Twitch streamer breaks down after being caught watching x-rated deepfakes of female streamers
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Featured Image Credit: Atrioc / Twitch / @pokimanelol / Instagram
Twitch streamer Atrioc has issued a tearful apology after being caught watching x-rated deepfakes of female Twitch streamers.
Yesterday (30 January) a clip was posted online which claimed to 'expose' the Twitch streamer through one of his tabs being a deepfake site.
The website in question allegedly sells access to deepfake images and videos of a pornographic nature and some of the images are of female Twitch streamers.
Atrioc later apologised on his stream, claiming that he clicked on an advert and only paid to look at the x-rated images of Twitch streamers because he was 'morbidly curious'.
Appearing alongside his wife Arianna on his stream, the Twitch star said he was sorry for clicking on the site and paying to look at deepfaked images of female Twitch streamers.
He said: "I was on a regular-ass normal website and there was an ad, there's an ad on every f**king video for this f**king... I know other people must be clicking it because it's on every f**king video.
"I click it and I'm f**king in this f**king rabbit hole and at 2am I f**king, I dunno I got morbidly curious and I click something. It's gross, it's gross and I'm sorry, I really am. I really f**king am.
"I just really want to get it to go out there it's not a f**king pattern of behaviour. There is no excuse for it. I’m not defending it in any way, I think this whole category of stuff is wrong."
A number of Twitch streamers depicted on the site have responded, with QTCinderella calling on people to stop spreading the name of the site and for it to stop being advertised, saying: "Being seen 'naked' against your will should NOT BE A PART OF THIS JOB."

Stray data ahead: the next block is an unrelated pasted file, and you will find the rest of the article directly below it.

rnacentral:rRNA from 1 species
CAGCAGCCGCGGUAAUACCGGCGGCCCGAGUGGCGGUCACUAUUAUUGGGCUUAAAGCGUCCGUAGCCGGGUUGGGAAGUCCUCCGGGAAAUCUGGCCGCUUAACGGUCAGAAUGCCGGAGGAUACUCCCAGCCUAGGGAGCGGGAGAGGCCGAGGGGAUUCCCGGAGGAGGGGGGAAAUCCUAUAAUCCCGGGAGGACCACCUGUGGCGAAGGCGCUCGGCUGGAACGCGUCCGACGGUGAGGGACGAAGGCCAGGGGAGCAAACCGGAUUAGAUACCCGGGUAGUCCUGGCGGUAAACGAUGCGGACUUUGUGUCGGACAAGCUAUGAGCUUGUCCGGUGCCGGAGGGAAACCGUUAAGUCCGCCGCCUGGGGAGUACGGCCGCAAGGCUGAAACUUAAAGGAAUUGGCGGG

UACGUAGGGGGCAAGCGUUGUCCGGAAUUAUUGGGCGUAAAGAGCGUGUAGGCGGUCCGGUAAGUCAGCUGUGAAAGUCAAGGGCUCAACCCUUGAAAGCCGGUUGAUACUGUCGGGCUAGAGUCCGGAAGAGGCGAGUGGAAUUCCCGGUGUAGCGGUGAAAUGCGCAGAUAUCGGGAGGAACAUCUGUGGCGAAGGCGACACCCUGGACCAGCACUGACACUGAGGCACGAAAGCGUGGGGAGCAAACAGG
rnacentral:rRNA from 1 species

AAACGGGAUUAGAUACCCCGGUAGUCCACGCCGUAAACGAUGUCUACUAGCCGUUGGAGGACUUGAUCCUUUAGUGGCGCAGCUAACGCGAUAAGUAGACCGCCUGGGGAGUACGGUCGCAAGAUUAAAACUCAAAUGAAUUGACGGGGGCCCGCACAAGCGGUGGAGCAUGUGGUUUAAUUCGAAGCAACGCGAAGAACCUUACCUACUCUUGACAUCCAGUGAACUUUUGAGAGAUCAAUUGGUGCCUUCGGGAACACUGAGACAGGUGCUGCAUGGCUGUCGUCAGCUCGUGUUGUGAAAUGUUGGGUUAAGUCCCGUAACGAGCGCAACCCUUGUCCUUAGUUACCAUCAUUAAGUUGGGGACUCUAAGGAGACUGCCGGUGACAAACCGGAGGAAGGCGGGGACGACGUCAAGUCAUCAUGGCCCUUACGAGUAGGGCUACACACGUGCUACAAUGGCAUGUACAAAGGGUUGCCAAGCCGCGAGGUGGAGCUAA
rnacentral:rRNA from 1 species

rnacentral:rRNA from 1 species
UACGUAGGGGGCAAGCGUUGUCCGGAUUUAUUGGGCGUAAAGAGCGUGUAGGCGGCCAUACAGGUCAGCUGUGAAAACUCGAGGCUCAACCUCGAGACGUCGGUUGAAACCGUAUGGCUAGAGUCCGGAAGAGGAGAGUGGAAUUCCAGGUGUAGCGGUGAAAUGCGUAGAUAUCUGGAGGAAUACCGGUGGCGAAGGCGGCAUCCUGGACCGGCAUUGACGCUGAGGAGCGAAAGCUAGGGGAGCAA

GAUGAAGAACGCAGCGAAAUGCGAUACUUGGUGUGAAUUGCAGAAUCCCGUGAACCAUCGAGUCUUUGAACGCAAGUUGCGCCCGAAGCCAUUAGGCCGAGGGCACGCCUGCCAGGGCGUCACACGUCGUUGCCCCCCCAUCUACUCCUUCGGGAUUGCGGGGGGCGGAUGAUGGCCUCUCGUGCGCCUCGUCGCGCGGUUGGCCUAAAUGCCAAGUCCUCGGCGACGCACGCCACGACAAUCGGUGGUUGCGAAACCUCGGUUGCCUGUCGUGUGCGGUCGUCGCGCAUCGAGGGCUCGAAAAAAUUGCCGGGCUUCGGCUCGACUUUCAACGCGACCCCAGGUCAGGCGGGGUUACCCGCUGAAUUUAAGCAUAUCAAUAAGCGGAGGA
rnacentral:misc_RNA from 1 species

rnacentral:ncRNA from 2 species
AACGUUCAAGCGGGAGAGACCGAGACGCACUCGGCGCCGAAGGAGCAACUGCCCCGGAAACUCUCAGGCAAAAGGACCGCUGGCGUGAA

Fellow Twitch streamer Sweet Anita tweeted to say she'd only found out deepfaked images of her were on the site following Dexerto's reporting of Atrioc's apology.
She said she had chosen not to go into the adult industry and now someone 'solicits my body without my consent', adding 'don't know whether to cry, break stuff or laugh at this point'.
There are deep concerns surrounding the ethics of deepfakes since you can use technology to steal someone's face and voice to make them say or do things that never happened.
Deepfake pornography is making x-rated content of people without their knowledge or consent, and sites such as the one Atrioc was caught using are charging people to access this content while other sites are taking money to advertise these sites.
As technology advances the legal world is stuck playing catch-up, though there are efforts around the world to legislate against making deepfakes of someone without their consent.
In the UK a planned amendment to the Online Safety Bill currently in development intends to put people who share deepfakes of another person at risk of incurring jail time.
Only three US states, Texas, Virginia and California, currently have laws regarding deepfakes.
Topics: Celebrity, Twitch, Technology